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Did Texas execute an innocent man? Film revisits a haunting question.

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Texans will have an opportunity to revisit a question that should haunt anyone who believes in the integrity of our criminal justice system: Did our state execute an innocent man? 
The new film “Trial by Fire” tells the true story of Cameron Todd Willingham, who was sentenced to death for setting a fire to his home in Corsicana that killed his three young daughters in 1991. The film is based on an investigative story by David Grann that appeared in the New Yorker in 2009, five years after Willingham was executed over his vociferous protestations of innocence.
In my experience of serving 8 years on the Texas Court of Criminal Appeals and 4 years as a state district judge in Travis County, the Willingham case stands out to me for many of the same reasons it stood out to filmmaker Edward Zwick, who calls it a veritable catalogue of everything that’s wrong with the criminal justice system and, especially, the death penalty. False testimony, junk science, a jailhouse informant, and ineffe…

Iraq condemns 6 Turkish women to death for IS membership

ISIS women
A Baghdad court on Monday sentenced 6 Turkish women to death and a 7th to life in prison for membership of the Islamic State jihadist group, a judicial source said.

The source told AFP that the women, all accompanied by small children in the court, had surrendered to Kurdish peshmerga fighters after having fled Tal Afar, one of the last IS bastions to fall to Iraqi security forces last year.

The women told the court they had entered the country to join their husbands fighting for IS in the "caliphate" which the group declared in 2014 in territory straddling Iraq and Syria.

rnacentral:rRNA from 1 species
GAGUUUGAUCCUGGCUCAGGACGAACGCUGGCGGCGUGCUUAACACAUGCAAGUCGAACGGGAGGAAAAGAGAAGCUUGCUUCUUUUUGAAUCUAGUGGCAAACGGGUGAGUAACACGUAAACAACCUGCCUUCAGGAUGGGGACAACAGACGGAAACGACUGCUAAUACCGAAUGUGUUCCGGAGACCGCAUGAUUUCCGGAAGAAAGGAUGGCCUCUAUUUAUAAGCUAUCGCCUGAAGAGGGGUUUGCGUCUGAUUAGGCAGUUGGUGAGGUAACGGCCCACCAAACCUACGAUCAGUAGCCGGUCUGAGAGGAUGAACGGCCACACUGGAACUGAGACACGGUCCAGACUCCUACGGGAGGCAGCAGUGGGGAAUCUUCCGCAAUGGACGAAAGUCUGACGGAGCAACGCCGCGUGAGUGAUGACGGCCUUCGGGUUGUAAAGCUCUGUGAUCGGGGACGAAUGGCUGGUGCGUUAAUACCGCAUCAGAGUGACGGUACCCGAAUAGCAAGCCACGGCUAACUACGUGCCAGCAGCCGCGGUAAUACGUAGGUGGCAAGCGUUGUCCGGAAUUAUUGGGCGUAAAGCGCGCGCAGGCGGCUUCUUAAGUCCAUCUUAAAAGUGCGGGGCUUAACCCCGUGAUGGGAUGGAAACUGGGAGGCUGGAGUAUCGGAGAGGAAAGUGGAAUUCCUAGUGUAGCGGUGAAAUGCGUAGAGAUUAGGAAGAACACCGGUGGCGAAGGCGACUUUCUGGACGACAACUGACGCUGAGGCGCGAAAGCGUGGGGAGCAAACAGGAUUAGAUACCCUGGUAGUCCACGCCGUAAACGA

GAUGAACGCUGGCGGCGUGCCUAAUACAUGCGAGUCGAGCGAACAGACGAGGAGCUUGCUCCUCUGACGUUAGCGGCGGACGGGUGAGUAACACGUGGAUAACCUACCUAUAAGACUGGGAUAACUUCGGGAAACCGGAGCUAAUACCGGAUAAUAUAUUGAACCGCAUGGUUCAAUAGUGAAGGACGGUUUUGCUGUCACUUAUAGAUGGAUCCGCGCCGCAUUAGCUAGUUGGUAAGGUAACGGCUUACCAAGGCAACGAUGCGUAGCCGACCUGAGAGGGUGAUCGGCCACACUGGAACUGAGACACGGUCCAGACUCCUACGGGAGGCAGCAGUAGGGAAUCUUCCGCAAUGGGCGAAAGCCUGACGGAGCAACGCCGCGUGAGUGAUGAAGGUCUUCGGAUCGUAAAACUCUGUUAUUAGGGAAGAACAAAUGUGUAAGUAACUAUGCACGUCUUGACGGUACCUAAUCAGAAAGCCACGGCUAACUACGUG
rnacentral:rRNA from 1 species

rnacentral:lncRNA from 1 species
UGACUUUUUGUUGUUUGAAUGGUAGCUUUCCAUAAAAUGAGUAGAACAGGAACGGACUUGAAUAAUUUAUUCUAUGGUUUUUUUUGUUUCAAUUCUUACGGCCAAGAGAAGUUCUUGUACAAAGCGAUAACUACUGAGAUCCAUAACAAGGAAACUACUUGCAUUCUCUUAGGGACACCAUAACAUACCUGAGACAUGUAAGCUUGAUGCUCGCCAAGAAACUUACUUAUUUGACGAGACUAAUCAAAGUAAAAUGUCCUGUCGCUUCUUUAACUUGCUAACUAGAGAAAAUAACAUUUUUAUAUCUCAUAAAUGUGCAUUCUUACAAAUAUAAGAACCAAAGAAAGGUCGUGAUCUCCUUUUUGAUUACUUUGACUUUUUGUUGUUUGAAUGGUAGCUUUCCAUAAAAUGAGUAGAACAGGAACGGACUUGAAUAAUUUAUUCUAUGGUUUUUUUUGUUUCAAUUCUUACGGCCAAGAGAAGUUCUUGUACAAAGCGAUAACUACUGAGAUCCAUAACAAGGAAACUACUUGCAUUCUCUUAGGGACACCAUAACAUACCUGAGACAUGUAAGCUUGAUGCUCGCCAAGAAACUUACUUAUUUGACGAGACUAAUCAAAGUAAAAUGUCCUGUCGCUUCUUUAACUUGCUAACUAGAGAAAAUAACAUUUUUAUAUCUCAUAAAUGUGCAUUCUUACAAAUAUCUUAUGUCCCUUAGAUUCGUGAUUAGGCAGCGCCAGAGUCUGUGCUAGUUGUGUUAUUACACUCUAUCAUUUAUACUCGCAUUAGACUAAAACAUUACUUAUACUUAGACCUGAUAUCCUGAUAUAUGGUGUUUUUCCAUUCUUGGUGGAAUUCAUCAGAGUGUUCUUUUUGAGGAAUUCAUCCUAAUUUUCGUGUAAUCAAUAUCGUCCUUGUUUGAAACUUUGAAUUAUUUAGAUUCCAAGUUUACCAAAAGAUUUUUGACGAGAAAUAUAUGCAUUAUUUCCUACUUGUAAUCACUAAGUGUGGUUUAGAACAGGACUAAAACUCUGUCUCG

Iraq in February condemned another 15 Turkish women to death on the same charge.

Since January, a German woman and a woman from Turkey have also been handed the death penalty, in rulings which Human Rights Watch (HRW) has condemned as "unfair".

Experts estimate that a total of 20,000 people are being held in jail in Iraq for alleged membership of IS. There is no official figure.

Iraq has detained at least 560 women, as well as 600 children, identified as jihadist or relatives of suspected IS fighters.

Separately, authorities in Iraqi Kurdistan said in early February they had detained some 4,000 suspected IS members, including foreigners.

Iraq's anti-terrorism law empowers courts to convict people who are believed to have helped IS even if they are not accused of carrying out attacks.

It also allows for the death penalty to be issued against anyone -- including non-combatants -- found guilty of belonging to IS.

The New York-based HRW has urged Iraqi authorities to "develop a national strategy to prioritise the prosecution of those who committed the most serious crimes".

Women suspected only of IS membership rather than any combat role are "getting the harshest possible sentences for what appears to be marriage to an ISIS (IS) member or a coerced border crossing," it said.

Many foreign widows of IS fighters have said they had been fooled or threatened by their husbands to travel to Iraq.

Source: Agence France-Presse, April 3, 2018


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but by the punishments that the good have inflicted." -- Oscar Wilde

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